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View Full Version : Too long for Gibson Girl.......



SaucyWench
November 17th, 2011, 10:15 AM
I will be volunteering at our local museum during their holiday open house. I plan on wearing a fabulous Edwardian ensemble and wanted to do some sort of Gibson Girl style. I simply cannot do it myself, so I called the stylist that cuts ds's (age 13) hair.

I explained what I wanted and she said there was no way she could do it for me, I have way too much hair and it's way too long. :-( She is really good and if she says it would be darn near impossible, then it would be.

So, I will have to do something different. I can do some braid styles that would be authentic for the time, but still..................

Darn!!

turtlelover
November 17th, 2011, 10:16 AM
I wish I had your problem! HAHAHA:p

Amber_Maiden
November 17th, 2011, 10:19 AM
I wish I had your problem! HAHAHA:p

What I was just thinking...
Sorry, have no advice.

heidihug
November 17th, 2011, 11:58 AM
There are so many beautiful Edwardian styles for long hair, though, I am sure you will find something even more lovely to do with your hair. Personally, I have almost the exact same length hair as you, and I would do fancy side-braids extending back to a big bun. Very authentic and so pretty.

Madora
November 17th, 2011, 11:58 AM
A suggestion of sorts...

Could you rope twist braid each side of your hair, then join them at the back of your head.

Take the remaining hair and using one of these:

http://www.youtube.com/watch?v=G2WLNTJnIk4&feature=related

wind up the hair until it reaches where the joining of the 2 rope twists. Pin as needed with large hairpins.

Lastly, you might try pending deeply at the waist and bringing all your hair in front of you. Detangle it thoroughly then comb hair into a ponytail that is positioned on top of your head. Use a scrunchie and ponytail loosely. Move the scrunchie down the ponytail about two to three inches so that when you "moosh" the hair down a little it looks like you're wearing a cap of hair.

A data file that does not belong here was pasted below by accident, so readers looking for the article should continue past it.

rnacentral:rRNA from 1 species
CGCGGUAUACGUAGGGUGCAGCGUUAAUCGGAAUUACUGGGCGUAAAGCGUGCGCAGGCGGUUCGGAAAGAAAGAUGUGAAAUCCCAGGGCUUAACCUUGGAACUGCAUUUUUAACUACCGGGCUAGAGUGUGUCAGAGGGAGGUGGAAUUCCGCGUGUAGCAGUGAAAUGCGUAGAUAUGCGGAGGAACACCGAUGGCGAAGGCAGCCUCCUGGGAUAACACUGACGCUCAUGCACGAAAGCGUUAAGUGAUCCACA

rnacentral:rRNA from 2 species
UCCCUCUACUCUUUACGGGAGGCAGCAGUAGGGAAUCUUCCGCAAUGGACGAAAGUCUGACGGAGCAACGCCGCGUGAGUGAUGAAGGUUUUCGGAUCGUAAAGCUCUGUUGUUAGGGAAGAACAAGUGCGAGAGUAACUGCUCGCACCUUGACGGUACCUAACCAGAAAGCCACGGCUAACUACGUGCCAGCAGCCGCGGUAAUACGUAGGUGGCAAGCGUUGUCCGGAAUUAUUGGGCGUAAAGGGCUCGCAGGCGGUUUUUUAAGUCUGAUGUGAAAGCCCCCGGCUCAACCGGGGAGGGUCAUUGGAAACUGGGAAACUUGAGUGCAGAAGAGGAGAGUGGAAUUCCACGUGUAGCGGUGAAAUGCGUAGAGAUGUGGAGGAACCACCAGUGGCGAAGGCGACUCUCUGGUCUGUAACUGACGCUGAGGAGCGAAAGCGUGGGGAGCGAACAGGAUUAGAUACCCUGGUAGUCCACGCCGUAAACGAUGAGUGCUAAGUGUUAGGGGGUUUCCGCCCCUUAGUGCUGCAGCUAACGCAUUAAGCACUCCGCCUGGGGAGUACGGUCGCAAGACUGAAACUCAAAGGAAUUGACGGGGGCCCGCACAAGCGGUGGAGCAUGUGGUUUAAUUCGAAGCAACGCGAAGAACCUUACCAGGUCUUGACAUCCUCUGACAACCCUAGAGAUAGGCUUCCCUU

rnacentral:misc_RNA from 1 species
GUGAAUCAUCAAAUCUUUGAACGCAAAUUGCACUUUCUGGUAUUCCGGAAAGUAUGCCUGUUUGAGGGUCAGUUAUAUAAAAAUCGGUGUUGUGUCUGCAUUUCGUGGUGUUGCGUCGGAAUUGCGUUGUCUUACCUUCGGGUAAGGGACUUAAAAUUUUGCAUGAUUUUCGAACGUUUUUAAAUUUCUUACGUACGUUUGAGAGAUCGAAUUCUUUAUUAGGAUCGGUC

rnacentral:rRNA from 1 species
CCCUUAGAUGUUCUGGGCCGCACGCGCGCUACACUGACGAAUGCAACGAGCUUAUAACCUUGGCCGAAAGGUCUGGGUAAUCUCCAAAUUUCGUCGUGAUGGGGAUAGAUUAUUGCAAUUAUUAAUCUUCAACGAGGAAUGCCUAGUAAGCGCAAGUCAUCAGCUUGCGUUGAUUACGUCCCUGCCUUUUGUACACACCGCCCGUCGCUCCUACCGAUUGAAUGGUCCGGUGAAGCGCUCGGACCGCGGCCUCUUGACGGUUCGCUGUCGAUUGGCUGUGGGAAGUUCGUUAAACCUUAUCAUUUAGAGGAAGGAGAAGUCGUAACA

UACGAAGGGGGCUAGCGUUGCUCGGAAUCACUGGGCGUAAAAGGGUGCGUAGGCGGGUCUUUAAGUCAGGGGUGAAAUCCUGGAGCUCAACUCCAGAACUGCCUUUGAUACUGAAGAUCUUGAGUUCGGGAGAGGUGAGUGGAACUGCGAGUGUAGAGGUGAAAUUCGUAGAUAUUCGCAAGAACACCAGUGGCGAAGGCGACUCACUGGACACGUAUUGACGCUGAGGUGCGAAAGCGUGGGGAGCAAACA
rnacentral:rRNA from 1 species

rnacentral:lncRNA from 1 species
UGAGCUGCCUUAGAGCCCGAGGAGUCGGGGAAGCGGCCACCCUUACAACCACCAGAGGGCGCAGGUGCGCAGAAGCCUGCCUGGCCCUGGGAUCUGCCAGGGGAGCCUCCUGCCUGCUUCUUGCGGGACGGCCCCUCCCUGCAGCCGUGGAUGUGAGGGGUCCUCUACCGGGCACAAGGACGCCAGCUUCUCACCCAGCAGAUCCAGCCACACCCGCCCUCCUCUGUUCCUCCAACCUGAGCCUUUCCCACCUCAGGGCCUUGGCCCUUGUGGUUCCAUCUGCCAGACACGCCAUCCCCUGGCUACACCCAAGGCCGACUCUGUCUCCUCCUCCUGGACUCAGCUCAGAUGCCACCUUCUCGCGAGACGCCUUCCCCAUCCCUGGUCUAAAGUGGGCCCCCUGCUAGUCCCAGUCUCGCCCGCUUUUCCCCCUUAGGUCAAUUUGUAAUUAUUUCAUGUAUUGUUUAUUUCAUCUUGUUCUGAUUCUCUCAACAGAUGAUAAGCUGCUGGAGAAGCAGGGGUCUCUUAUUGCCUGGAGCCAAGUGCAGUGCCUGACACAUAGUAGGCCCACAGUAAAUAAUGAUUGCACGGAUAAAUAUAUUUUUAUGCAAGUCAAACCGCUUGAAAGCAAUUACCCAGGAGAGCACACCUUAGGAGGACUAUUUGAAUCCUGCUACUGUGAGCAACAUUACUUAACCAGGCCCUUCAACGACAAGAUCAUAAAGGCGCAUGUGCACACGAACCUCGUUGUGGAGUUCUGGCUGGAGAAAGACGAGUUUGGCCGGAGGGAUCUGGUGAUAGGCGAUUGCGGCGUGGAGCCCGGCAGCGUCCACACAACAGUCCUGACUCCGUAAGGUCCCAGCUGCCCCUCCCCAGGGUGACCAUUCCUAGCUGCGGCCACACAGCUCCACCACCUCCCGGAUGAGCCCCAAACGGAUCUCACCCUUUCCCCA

Then braid the remaining hair loosely and coil it in a bun around the ponytail base.

The hair should look slightly "poofy" all around with the coiled braided bun nestled in the middle on top of your head.

Panth
November 17th, 2011, 12:53 PM
In the TV series 'Edwardian Farm', the historian Ruth Goodman did an Edwardian hairstyle that would work for very long hair. I believe the clip is available somewhere on the internet (a link cropped up on an 'Edwardian Hair' thread here a few months ago) but I can't find it.

Anywho, the technique is as follows:
- buy a big fat synthetic plait that is long enough to exactly go around your head twice
- sew/otherwise fix the plait into a long loop
- brush your hair out from your crown, so that you have no parting and your hair radiates out all around from a single point on the top of your head
- double the synthetic plait loop up and put it on your head like a crown (it should not be big enough to slip, but not so small it is tight; you can pin it a little if you like)